Greek teachers heading down under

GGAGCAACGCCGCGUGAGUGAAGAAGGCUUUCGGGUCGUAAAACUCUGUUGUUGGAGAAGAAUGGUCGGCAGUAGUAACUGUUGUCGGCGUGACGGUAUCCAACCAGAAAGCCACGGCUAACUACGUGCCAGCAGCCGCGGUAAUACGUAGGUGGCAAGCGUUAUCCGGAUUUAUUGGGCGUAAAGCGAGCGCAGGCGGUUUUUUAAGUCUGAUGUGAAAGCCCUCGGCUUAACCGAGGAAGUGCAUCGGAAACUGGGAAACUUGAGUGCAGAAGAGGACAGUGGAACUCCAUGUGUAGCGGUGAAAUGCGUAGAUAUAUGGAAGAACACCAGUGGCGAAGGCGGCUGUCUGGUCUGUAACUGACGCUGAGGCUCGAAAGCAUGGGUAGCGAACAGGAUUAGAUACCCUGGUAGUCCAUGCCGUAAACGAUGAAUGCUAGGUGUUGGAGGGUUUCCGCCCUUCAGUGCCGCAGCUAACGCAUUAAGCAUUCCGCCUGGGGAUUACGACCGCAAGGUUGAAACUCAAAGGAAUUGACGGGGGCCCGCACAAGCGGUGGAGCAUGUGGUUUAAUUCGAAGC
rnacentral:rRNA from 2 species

first_imgAs Greeks affected by the economic crisis look again to Melbourne for a better life, many making the journey are teachers wishing to apply their experience down under.“It’s tragic the fact that many of the recent Greek migrants hold university degrees and have no other choice but to offer their services abroad.”But without a formal Australian teaching qualification, Greek language teaching appears to be the only immediate option.Manos Tzimpragos, education officer at the Greek Community of Melbourne (GCM) Language Schools, says that during the past sixteen months they have received about 30 applications.“In the past it was quite common that most of the positions in the schools were covered by people who didn’t necessarily have a teaching qualification, because there was a lack in qualified staff, but nowadays thanks to the influx from Greece we are very lucky to have qualified teachers,” Mr Tzimpragos tells Neos Kosmos.Colleague Maria Bakalidou, coordinator of GCM’s advanced campuses, says that for newcomers, after-hours language schools are the only option available for those holding only a Greek university degree.To be able to teach in Australian schools, teachers must hold a Diploma of Education which takes two years. Ms Bakalidou says most teachers seeking to emigrate are at the high school level.“Before I left Greece three years ago, there was still a high demand for primary school teachers, whereas the public sector was not able to absorb philologists, mathematics, physics teachers … and therefore the latter are more likely to think of migrating.”Vangelis Thanos, a 30-year old pre-school teacher, found himself unemployed after the closure of the private school in Ioannina where he was working. Six months after setting up home in Melbourne, he has already managed to land three jobs in after-hours Greek schools. “What played an important role is the fact that [Greek language teaching] is a discipline for which there is a great demand here. Compared to other newcomers that I’ve met it’s hard to find a job so quickly,” he says.For Despina Tsimitra, 34, leaving Greece was as an escape route from pessimism and misery. As the crisis escalated, she and her husband decided to leave Lesvos and come to Melbourne in early 2013 with their daughter.“I had stopped planning for the future. I couldn’t dream big,” says Mrs Tsimitra. “It’s tragic the fact that many of the recent Greek migrants hold university degrees and have no other choice but to offer their services abroad.”Mrs Tsimitra is a history and archaeology graduate. On her arrival in Australia, she began a diploma which opened the way to a career in children’s service. She also teaches at GCM’s Greek school.“When I first arrived I was looking for something that would make it easier for me to find a job. I don’t think my degree could be used as a qualification by itself somewhere, other than the Greek language school,” Mrs Tsimitra says.With enrolments increasing for GCM’s advanced Greek courses, the organisation has recently established two new campuses. With problems in the ancestral land, learning Greek is now on the rise down under. Facebook Twitter: @NeosKosmos Instagramlast_img read more